Tuesday, November 1, 2011

The Hold of Hoarding

By Johanna Tooke

Maybe one of God’s greatest gifts to us is misery and suffering. After all, without them we’d continue to walk obliviously through life as though nothing were wrong. Like any normal human being I was doing my best to avoid undue pain. My strategy was a simple one: Do good, make things look good, and life will be good.

At all costs (literally at times) I wanted to avoid repeating pain or remembrance of it from life’s past. What’s more, I was convinced if I saved anything from my life that had represented a good memory or a happy time, somehow the darker times would fade out with the tangible memory of things from happy times. As if that weren’t enough, I had reasoned by having a passel of possessions I could single-handedly create happy memories.

My strategy was foiled by the time it took to not only keep track of, care for and organize the possessions, but create the happy memories in between. My memories- “instead of happy” were becoming prominently miserable. This problem of mine was hoarding or in kinder terms- excessive saving.

Hoarding had never even been a consideration in my litany of life dilemmas. Among the complaints on my exhaustive list were: never enough time to exercise, a lack of money to buy organizing essentials, a lack of time to organize and have a workable system, a husband who lacked a vision to see the potential behind all of my belongings and moreover a vision of what could be done with them to glorify God. Yes, I had wrapped religion into being a justifiable reason to keep whatever I deemed worthy.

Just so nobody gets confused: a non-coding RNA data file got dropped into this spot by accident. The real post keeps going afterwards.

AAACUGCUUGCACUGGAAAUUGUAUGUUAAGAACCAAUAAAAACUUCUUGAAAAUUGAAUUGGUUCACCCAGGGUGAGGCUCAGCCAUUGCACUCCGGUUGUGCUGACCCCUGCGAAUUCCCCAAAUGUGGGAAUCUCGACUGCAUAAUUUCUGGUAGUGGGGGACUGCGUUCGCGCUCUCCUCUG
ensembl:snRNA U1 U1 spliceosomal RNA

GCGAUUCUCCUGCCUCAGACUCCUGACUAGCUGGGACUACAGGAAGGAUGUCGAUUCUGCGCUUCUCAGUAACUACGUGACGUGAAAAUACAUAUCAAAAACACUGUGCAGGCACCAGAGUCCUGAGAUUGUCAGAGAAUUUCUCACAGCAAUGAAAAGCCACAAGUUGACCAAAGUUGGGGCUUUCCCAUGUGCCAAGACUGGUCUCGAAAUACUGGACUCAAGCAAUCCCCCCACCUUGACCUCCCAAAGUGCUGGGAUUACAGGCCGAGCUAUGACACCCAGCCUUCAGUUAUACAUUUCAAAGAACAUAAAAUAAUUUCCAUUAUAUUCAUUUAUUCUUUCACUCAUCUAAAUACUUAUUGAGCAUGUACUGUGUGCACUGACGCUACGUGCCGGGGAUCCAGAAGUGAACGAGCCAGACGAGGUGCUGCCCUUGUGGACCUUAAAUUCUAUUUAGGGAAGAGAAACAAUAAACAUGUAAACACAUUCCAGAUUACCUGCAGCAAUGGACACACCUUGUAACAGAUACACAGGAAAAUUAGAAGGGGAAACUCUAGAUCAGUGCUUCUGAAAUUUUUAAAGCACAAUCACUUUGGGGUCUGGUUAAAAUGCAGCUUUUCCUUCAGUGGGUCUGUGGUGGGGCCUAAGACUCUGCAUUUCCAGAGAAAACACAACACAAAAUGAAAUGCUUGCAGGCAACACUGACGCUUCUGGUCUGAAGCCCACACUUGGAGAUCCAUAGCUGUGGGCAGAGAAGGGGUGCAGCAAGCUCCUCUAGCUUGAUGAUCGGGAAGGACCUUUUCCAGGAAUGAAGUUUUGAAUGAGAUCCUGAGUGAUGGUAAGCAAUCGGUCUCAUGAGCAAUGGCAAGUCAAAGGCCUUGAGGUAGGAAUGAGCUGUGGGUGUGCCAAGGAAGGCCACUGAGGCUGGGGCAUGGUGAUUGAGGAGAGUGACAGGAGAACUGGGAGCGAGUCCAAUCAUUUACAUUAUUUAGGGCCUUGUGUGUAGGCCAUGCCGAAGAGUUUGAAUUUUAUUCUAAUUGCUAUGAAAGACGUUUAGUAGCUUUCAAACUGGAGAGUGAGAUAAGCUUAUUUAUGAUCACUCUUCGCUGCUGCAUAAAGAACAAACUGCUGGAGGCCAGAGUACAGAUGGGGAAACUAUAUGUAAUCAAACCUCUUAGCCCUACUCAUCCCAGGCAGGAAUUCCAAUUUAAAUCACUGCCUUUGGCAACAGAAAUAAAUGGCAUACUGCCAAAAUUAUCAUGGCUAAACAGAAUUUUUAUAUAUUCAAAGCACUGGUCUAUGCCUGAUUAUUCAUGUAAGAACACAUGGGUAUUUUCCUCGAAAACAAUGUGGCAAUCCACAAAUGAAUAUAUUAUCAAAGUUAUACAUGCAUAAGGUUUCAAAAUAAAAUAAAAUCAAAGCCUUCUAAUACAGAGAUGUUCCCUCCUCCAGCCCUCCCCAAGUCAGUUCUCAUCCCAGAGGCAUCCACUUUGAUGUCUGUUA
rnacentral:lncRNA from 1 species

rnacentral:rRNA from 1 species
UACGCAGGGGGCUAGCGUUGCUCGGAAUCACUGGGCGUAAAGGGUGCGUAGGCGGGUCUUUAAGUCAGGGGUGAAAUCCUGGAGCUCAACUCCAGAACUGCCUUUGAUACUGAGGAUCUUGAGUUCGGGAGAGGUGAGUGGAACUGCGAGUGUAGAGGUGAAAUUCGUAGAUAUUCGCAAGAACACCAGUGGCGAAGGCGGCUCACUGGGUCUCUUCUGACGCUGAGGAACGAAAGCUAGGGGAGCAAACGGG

I knew I kept a lot, but I also believed I was honoring God by having the items. When in all reality, I was trying to play God by keeping things and hoping I wouldn’t have to depend on Him for the things “I could handle.”

Since hoarding had never even entered into my conscientiousness, all I knew was I was miserable. Each consecutive day seemed harder then the day prior and circumstances seemed dimmer. Waking up in the morning was stifling and meandering through the day felt more like a convoluted maze. I began feverishly reading self help books on organizing and de-cluttering. Several years later and heaps mounting higher than ever before, I felt hopeless. As I swirled in the abyss of confusion, I called a professional organizer as a final effort.

Without mincing words she told me what my husband had all along, “Whoa you have a lot of stuff.” Okay, so she couldn’t stop exclaiming in between breaths how much I had. Her reaction to my basement sent me reeling. We made a plan to help me stop the influx of stuff and begin the outtake. Once we parted ways, I spent every spare moment doing my best to clean and cull. Bravely I’d pack another box full of things we weren’t using, ready to be hauled off. My efforts seemed to be paying off. Except I noticed instead of experiencing freedom, I was feeling suffocated and smothered by this new lifestyle.